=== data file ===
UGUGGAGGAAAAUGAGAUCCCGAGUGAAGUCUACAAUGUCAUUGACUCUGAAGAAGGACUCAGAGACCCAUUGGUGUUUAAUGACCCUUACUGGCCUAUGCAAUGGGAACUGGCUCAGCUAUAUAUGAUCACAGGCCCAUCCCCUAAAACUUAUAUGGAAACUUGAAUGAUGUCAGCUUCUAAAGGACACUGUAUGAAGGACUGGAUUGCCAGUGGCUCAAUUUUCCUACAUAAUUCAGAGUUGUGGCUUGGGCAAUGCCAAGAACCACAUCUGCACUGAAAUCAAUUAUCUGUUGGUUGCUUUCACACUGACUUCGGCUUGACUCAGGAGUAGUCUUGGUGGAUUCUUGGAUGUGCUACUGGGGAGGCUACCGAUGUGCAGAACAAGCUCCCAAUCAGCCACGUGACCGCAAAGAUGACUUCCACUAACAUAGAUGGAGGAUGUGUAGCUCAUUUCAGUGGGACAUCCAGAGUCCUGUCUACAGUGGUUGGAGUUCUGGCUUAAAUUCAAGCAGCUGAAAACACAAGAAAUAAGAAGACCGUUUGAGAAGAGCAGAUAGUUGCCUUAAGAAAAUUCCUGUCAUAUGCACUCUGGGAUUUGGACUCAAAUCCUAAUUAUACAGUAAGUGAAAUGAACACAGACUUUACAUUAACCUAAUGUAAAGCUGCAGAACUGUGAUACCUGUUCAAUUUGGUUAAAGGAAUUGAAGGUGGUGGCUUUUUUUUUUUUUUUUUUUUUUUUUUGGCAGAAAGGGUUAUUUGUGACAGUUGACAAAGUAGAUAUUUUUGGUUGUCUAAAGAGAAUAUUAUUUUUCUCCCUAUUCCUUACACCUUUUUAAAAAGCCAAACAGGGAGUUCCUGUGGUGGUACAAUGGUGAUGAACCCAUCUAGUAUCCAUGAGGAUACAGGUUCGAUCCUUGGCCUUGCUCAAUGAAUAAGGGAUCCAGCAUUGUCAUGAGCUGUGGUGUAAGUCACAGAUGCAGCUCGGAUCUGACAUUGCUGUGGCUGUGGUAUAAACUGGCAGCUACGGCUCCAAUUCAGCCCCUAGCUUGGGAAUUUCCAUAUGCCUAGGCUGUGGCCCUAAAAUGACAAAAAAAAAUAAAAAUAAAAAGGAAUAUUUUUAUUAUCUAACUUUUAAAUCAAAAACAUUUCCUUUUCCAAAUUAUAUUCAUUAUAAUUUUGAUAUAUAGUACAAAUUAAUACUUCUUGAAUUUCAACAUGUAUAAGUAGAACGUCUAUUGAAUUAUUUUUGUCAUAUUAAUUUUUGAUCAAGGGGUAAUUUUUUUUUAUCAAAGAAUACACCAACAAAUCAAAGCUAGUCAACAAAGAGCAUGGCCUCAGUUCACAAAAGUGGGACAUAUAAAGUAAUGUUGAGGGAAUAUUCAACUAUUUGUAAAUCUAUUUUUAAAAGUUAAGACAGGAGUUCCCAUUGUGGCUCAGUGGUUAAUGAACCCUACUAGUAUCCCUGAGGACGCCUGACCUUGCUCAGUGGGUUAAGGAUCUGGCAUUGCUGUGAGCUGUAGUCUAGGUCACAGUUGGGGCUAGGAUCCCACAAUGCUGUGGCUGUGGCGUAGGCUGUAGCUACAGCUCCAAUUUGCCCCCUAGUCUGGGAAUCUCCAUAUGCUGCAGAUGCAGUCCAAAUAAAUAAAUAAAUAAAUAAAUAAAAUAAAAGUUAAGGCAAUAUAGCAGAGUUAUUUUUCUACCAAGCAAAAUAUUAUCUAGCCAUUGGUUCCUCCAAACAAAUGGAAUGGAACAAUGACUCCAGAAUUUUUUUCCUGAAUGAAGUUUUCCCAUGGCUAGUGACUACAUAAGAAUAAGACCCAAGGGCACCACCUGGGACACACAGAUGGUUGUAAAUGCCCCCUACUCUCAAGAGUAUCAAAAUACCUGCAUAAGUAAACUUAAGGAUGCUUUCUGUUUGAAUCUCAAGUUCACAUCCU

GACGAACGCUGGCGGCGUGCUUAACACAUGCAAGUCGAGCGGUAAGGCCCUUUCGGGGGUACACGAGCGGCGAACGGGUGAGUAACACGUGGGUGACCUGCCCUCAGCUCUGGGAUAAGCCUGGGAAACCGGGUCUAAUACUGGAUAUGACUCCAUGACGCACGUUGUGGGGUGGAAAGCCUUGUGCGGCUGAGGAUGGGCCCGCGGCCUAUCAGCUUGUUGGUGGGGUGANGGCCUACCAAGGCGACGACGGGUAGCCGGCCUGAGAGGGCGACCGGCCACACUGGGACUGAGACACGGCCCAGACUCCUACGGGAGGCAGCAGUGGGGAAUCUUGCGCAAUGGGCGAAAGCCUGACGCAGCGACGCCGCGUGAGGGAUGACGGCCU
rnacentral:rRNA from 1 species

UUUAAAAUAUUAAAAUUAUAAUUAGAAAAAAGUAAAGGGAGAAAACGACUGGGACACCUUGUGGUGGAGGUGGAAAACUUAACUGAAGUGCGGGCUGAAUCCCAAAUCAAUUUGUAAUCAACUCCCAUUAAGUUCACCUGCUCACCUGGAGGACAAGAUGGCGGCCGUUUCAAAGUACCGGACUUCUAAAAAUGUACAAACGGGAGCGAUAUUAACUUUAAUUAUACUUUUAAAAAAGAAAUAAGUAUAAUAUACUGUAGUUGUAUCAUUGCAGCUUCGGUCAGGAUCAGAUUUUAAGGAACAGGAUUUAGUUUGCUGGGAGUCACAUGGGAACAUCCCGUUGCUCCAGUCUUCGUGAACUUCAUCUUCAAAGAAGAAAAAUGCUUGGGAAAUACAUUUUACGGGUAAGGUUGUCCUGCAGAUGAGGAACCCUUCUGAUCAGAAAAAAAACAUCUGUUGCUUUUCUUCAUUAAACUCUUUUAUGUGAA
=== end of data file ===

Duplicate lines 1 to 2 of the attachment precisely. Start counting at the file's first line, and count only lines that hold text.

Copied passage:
UGUGGAGGAAAAUGAGAUCCCGAGUGAAGUCUACAAUGUCAUUGACUCUGAAGAAGGACUCAGAGACCCAUUGGUGUUUAAUGACCCUUACUGGCCUAUGCAAUGGGAACUGGCUCAGCUAUAUAUGAUCACAGGCCCAUCCCCUAAAACUUAUAUGGAAACUUGAAUGAUGUCAGCUUCUAAAGGACACUGUAUGAAGGACUGGAUUGCCAGUGGCUCAAUUUUCCUACAUAAUUCAGAGUUGUGGCUUGGGCAAUGCCAAGAACCACAUCUGCACUGAAAUCAAUUAUCUGUUGGUUGCUUUCACACUGACUUCGGCUUGACUCAGGAGUAGUCUUGGUGGAUUCUUGGAUGUGCUACUGGGGAGGCUACCGAUGUGCAGAACAAGCUCCCAAUCAGCCACGUGACCGCAAAGAUGACUUCCACUAACAUAGAUGGAGGAUGUGUAGCUCAUUUCAGUGGGACAUCCAGAGUCCUGUCUACAGUGGUUGGAGUUCUGGCUUAAAUUCAAGCAGCUGAAAACACAAGAAAUAAGAAGACCGUUUGAGAAGAGCAGAUAGUUGCCUUAAGAAAAUUCCUGUCAUAUGCACUCUGGGAUUUGGACUCAAAUCCUAAUUAUACAGUAAGUGAAAUGAACACAGACUUUACAUUAACCUAAUGUAAAGCUGCAGAACUGUGAUACCUGUUCAAUUUGGUUAAAGGAAUUGAAGGUGGUGGCUUUUUUUUUUUUUUUUUUUUUUUUUUGGCAGAAAGGGUUAUUUGUGACAGUUGACAAAGUAGAUAUUUUUGGUUGUCUAAAGAGAAUAUUAUUUUUCUCCCUAUUCCUUACACCUUUUUAAAAAGCCAAACAGGGAGUUCCUGUGGUGGUACAAUGGUGAUGAACCCAUCUAGUAUCCAUGAGGAUACAGGUUCGAUCCUUGGCCUUGCUCAAUGAAUAAGGGAUCCAGCAUUGUCAUGAGCUGUGGUGUAAGUCACAGAUGCAGCUCGGAUCUGACAUUGCUGUGGCUGUGGUAUAAACUGGCAGCUACGGCUCCAAUUCAGCCCCUAGCUUGGGAAUUUCCAUAUGCCUAGGCUGUGGCCCUAAAAUGACAAAAAAAAAUAAAAAUAAAAAGGAAUAUUUUUAUUAUCUAACUUUUAAAUCAAAAACAUUUCCUUUUCCAAAUUAUAUUCAUUAUAAUUUUGAUAUAUAGUACAAAUUAAUACUUCUUGAAUUUCAACAUGUAUAAGUAGAACGUCUAUUGAAUUAUUUUUGUCAUAUUAAUUUUUGAUCAAGGGGUAAUUUUUUUUUAUCAAAGAAUACACCAACAAAUCAAAGCUAGUCAACAAAGAGCAUGGCCUCAGUUCACAAAAGUGGGACAUAUAAAGUAAUGUUGAGGGAAUAUUCAACUAUUUGUAAAUCUAUUUUUAAAAGUUAAGACAGGAGUUCCCAUUGUGGCUCAGUGGUUAAUGAACCCUACUAGUAUCCCUGAGGACGCCUGACCUUGCUCAGUGGGUUAAGGAUCUGGCAUUGCUGUGAGCUGUAGUCUAGGUCACAGUUGGGGCUAGGAUCCCACAAUGCUGUGGCUGUGGCGUAGGCUGUAGCUACAGCUCCAAUUUGCCCCCUAGUCUGGGAAUCUCCAUAUGCUGCAGAUGCAGUCCAAAUAAAUAAAUAAAUAAAUAAAUAAAAUAAAAGUUAAGGCAAUAUAGCAGAGUUAUUUUUCUACCAAGCAAAAUAUUAUCUAGCCAUUGGUUCCUCCAAACAAAUGGAAUGGAACAAUGACUCCAGAAUUUUUUUCCUGAAUGAAGUUUUCCCAUGGCUAGUGACUACAUAAGAAUAAGACCCAAGGGCACCACCUGGGACACACAGAUGGUUGUAAAUGCCCCCUACUCUCAAGAGUAUCAAAAUACCUGCAUAAGUAAACUUAAGGAUGCUUUCUGUUUGAAUCUCAAGUUCACAUCCU

GACGAACGCUGGCGGCGUGCUUAACACAUGCAAGUCGAGCGGUAAGGCCCUUUCGGGGGUACACGAGCGGCGAACGGGUGAGUAACACGUGGGUGACCUGCCCUCAGCUCUGGGAUAAGCCUGGGAAACCGGGUCUAAUACUGGAUAUGACUCCAUGACGCACGUUGUGGGGUGGAAAGCCUUGUGCGGCUGAGGAUGGGCCCGCGGCCUAUCAGCUUGUUGGUGGGGUGANGGCCUACCAAGGCGACGACGGGUAGCCGGCCUGAGAGGGCGACCGGCCACACUGGGACUGAGACACGGCCCAGACUCCUACGGGAGGCAGCAGUGGGGAAUCUUGCGCAAUGGGCGAAAGCCUGACGCAGCGACGCCGCGUGAGGGAUGACGGCCU